Glyn Moody has a brief post up at Enterprise World UK that sets up why such a case is important, both in the realm of open media and free software/open source. There have been precious few legal cases, in the US or elsewhere, that really pin down the validity of licenses that either add conditions to copyright or utilize a contract to enforce conditions on use and sharing.
He points out this case as possible digging into the question specifically for the Creative Commons suite of licenses.
A lawsuit filed this past week in the Northern District of Illinois includes a claim that the defendant violated the terms of a Creative Commons license covering the plaintiff’s copyrighted works. GateHouse Media publishes a slew of local newspapers, including the Rockford Register Star in Rockford, Illinois. The Register Star provides premium online content to its subscribers, and makes that content available under a Creative Commons Attribution-NonCommercial-NoDerivs license.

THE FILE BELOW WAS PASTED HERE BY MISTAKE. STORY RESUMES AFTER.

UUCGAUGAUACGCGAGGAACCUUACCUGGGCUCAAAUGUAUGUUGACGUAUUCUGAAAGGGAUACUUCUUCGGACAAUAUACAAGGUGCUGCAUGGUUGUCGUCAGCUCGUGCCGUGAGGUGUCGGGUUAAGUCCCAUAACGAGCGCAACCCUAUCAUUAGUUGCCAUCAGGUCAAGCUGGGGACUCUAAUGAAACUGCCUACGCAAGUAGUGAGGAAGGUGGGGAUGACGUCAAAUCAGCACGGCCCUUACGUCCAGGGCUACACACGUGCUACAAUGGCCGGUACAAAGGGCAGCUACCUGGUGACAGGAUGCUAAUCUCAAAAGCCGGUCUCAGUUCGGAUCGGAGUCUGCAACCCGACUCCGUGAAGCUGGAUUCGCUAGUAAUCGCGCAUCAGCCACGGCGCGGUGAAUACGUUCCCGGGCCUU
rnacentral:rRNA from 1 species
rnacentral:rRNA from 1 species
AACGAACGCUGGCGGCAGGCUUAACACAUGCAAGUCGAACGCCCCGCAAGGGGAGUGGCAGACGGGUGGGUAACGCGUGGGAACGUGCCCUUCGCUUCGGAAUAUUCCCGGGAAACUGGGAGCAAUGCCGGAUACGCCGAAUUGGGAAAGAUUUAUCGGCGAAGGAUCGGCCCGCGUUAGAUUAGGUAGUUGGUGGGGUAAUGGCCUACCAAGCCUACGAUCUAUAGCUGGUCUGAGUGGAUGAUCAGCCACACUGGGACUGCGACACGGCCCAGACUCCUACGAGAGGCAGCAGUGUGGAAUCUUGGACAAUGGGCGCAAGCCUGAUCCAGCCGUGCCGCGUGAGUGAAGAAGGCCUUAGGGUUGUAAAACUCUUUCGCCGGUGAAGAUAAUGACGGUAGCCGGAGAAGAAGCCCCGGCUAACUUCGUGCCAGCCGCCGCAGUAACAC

Eric Steuer, creative director at CC, wrote in with a comment. His view is that the small number of case is actually evidence that the Creative Commons licenses are well drafted. Complaints often arise when the intent and obligations under a license are misunderstood, so the notion holds some water.
I suspect there may be a self reinforcing effect, here, that those likely to agree on a CC license mediate sharing are the least likely to be bad actors with regards to the license terms. Regardless, I think there is a good answer here to the all too often asked question of whether CC licenses are valid. Even though it hasn’t been frequently tested in court, the odds are in your favor that if you take the time to parse the human readable deed, you are unlikely to make a mistake that could put you on the wrong end of a license complaint.